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Tribute to JRD Tata, an iconic businessman

July 29, 2016 16:09 IST

"I do not want India to be an economic superpower. I want India to be a happy country." – JRD Tata

One of India’s most enterprising businessmen, Jehangir Ratanji Dadabhoy Tata was born in Paris on July 29, 1904. On the occasion of JRD's 112th birth anniversary, we remember the values, traditions and business ethics he lived by.

The first of JRD's big adventures in business was born of his childhood fascination for flying. He had grown up in France watching the famous aviator Louis Bleriot's early flights, and had taken a joyride in an airplane as a 15-year-old.

In 1929, JRD became one of the first Indians to be granted a commercial pilot's licence. In 1932 Tata Aviation Service, the forerunner to Tata Airlines and Air India, took to the skies.

The first flight in the history of Indian aviation lifted off from Drigh Road in Karachi with JRD at the controls of a Puss Moth. JRD nourished and nurtured his airline baby through to 1953, when the government of Jawaharlal Nehru nationalised Air India. It was a decision JRD had fought against tooth and nail.

 

Image: JRD Tata with his younger sister Rodabeh and elder sister Sylla. Photograph: Kind courtesy, Tata Central Archives.

The second child of Ratanji Dadabhoy Tata (and his French wife Sooni), JRD was educated in London, Japan, France and India. Tata began his career in the Tata Group as an unpaid apprentice in 1925. At a young age of 22, he joined the board of Tata Sons, the group's flagship company, and became its chairman in 1938.

'Growing organisations in any field must constantly evolve, accept or even seek new ideas, new visions, and new enthusiasms.'
 
 

Image: The first batch of vehicles bearing the 'T' rolling out of the Tata Engineering and Locomotive (now Tata Motors) plant at Jamshedpur. Photograph: Kind courtesy, Tata Central Archives.

In the next 5 decades, Tata steered the company to great heights, expanding the business into chemicals, automobiles, tea and information technology.

The group had 14 enterprises under his leadership. 50 years later when he retired, Tata & Sons was a conglomerate of 95 enterprises.

The Tata Institute of Fundamental Research, the Tata Memorial Hospital, the Tata Institute of Social Sciences, the National Institute of Advanced Sciences and the National Centre for the Performing Arts would not have come to fruition without JRD's steadfast support.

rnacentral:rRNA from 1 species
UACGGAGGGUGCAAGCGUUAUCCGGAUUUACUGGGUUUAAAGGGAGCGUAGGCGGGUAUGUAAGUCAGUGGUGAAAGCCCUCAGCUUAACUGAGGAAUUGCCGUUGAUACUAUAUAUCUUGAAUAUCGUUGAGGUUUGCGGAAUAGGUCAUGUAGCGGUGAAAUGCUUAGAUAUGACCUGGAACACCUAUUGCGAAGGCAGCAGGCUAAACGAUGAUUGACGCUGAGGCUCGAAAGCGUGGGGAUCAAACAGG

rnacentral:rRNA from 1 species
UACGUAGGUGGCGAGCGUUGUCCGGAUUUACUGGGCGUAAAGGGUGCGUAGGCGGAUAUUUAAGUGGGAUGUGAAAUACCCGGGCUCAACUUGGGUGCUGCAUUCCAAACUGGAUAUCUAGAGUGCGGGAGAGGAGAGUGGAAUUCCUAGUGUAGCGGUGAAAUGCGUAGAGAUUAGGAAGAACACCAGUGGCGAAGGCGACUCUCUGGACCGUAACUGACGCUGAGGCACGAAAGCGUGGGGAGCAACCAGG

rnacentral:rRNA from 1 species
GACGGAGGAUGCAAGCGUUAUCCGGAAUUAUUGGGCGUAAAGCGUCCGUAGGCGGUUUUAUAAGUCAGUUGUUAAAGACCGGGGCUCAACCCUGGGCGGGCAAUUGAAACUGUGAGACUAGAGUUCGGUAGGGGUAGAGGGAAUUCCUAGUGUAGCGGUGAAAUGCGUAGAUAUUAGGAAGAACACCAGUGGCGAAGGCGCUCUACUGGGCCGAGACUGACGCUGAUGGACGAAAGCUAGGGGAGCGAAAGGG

'If I were to attribute any single reason to such success as I have achieved, I would say that success would not have been possible without a sustained belief that what I did or attempted to do would serve the needs and interests of our country and our people and that I was a trustee of such interests.'
 
 

 

One of JRD's pet theme was controlling India's population. To this end, he helped start what eventually became the International Institute of Population Studies. In 1992, just a year before his death, JRD received the United Nations Population Award.

Under his leadership, the Tata assets climbed from Rs 62 crore (Rs 620 million) in 1939 to over Rs 10,000 crore (Rs 100 billion) in 1990.

Image: Former President of India R Venkataraman conferring the Bharat Ratna on JRD Tata. Photograph: Kind courtesy, Tata Central Archives.
 

A shy and reticent man, when JRD was told that the government was thinking about giving him the Bharat Ratna, the country's highest civilian award, he is reported to have said: "Why me? I don't deserve it. The Bharat Ratna is usually given to people who are dead or it is given to politicians. I am not prepared to oblige the government on the former and I am not the latter."

'The future belongs to the young. We must not only trust them with responsibility but must thrust it upon them whilst they are still young and full of energy, zest, hope and even illusions. However heart-breaking it may be to ourselves, we must make way for the new generations even when we feel we are still in our prime.'
 
 
 

Image: JRD and Thelma Tata. Photograph: Kind courtesy, Tata Central Archives.
 

He was awarded the Bharat Ratna in 1992. JRD Tata was also conferred the honorary rank of Group Captain by the Indian Air Force in 1948, was promoted to the Air Commodore rank and further promoted as Air Vice Marshal. In 1983, he was awarded the French Legion of Honour.